It’s Tuesday. Underneath my feet the ground sparkles with the glitter of pyrite, surrounding me are the lush mountain ranges that form the beginning of the Andes, to my right and to my left are splashes of vibrant hues that are a myriad of different flowers and butterflies.
I think back to what I have spent most of the Tuesdays of my adult life doing and I know I will never go back. The sun beats down, a light breeze cools the sweat on the nape of my neck and I revere in the simplicity of it all...
The day earlier after five hours of watching mini landslides, masses of boulders cluttering one side of the muddy dirt road and sheer drops off the other, I was thankful to arrive safely in San Andres. The glass of fresh ice cold jugo Moro that awaited me in itself made the trip worthwhile, the following days of home-made ice cream and my discovery of the most delicious fruit EVER - Caimo and I was contented, to say the least. If I wasn’t on a finite time frame I would have just stayed in San Andres...for a while.
San Andres is the small village that marks the gateway to Tierradentro, a series of cavernous tombs decorated with paintings and statues sculpted into the supporting stone beams. The tombs are scattered throughout the villages surrounding mountains and I was blessed with a radiant day to explore them, wander the village and enjoy yet another tuna mayo cracker lunch overlooking a picturesque thatched roof chapel perched atop a hill.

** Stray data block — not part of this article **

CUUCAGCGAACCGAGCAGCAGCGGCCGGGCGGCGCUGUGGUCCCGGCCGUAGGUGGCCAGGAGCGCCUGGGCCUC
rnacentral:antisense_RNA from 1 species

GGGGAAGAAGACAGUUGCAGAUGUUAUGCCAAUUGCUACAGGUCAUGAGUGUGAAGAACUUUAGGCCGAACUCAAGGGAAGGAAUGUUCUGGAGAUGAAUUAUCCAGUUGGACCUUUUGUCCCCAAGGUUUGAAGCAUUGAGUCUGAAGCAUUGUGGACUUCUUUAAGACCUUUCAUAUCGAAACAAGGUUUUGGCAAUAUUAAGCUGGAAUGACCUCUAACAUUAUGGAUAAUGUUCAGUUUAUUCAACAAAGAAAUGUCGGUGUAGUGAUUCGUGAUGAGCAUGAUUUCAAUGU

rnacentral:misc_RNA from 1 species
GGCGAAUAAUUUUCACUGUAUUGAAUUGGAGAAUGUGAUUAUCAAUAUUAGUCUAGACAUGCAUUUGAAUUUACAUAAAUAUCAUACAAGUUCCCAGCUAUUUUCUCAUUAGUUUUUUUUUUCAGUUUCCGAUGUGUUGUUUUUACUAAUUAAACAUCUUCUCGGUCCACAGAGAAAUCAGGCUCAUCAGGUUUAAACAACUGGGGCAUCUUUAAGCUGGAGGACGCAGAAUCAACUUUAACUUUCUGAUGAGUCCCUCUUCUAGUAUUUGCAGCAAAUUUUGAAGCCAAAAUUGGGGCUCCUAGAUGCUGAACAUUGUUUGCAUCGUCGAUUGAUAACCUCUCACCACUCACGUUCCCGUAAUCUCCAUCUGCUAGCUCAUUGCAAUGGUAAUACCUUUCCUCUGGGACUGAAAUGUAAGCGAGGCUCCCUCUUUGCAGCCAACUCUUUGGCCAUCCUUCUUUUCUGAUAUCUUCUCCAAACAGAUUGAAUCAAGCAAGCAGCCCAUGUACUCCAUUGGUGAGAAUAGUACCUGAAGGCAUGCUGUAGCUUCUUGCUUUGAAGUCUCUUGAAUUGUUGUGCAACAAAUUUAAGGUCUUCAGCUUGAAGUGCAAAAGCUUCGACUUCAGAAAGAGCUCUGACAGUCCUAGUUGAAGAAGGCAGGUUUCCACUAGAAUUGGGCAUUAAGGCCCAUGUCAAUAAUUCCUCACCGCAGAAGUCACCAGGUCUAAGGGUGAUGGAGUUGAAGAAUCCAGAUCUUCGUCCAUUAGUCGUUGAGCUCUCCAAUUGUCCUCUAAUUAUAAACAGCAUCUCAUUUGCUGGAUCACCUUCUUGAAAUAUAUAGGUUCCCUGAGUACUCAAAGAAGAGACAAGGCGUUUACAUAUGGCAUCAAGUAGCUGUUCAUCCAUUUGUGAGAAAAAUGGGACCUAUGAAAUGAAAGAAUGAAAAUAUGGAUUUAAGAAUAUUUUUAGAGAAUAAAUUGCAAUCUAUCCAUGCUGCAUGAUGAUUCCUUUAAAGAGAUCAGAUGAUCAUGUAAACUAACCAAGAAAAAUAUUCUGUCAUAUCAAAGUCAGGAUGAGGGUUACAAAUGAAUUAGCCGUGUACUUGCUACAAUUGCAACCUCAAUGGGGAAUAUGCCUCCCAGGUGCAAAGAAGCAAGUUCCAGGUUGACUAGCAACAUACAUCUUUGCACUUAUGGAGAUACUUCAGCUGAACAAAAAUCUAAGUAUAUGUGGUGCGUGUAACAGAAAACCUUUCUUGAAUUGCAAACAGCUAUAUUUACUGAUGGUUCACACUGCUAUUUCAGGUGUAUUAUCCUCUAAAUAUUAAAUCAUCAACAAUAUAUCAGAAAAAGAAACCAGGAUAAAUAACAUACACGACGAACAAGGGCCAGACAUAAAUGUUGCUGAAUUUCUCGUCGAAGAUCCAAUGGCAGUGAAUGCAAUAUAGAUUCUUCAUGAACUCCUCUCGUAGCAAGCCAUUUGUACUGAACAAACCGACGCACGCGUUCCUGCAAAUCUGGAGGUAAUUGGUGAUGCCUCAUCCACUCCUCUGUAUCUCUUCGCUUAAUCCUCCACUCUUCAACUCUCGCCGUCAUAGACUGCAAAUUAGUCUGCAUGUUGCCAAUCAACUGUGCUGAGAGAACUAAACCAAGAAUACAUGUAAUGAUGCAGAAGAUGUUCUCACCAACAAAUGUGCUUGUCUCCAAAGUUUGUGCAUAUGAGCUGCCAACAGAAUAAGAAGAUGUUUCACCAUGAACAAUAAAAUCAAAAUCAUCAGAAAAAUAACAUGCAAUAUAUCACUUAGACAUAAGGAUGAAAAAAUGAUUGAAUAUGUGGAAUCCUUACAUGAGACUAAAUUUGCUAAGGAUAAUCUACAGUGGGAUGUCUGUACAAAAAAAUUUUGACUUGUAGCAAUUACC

The Colombian leg of my adventure was nearing its end but I had one more stop still to make so the following morning at 6:30am I stood in town awaiting my bus. Much to my amusement - initially - an old jeep pulls up, turns out this is my "bus". My backpack is strapped to the roof and off we set, within about an hour the jeep is loaded with 13 people (not including the driver), 2 kids, another 2 people hanging off the back and 1 sitting on top next to my pack! The guy sitting on top was actually a comfort to me as I had spent the first hour terrified that my poorly secured pack would bounce off and down the side of the ravine we were driving along. I spent the last half hour praying that the dark clouds overhead wouldn’t open soaking my pack....oh yeah and the poor guy riding on the roof!
San Agustin brought one last hurrah (until Melbs!) with T-dog and Stripper, 24 hours bedridden and a lot of monolithic statues. Once recovered I mustered some energy, determined to make the most of my last day in Colombia and headed for Parque Arqueolgico. The park is home to hundreds of statues and burials sites that date back centuries and is set against a scenic mountainous countryside. After my visits to both Tierradentro and San Agustin I am of the opinion that modern day human culture doesn’t put nearly enough effort into the burial and celebration of the dead....I’ll take a hand painted tomb or hard carved stone statue atop my grave thanks!!
Colombia has been an incredible leg of my journey and to think it wasn’t even on my original itinerary. The country is stunningly beautiful and the people are kind and welcoming, come visit before it’s spoilt by tourism.
Next stop...Amazon, Andes, Ruins, Sand boarding....Hello Peru!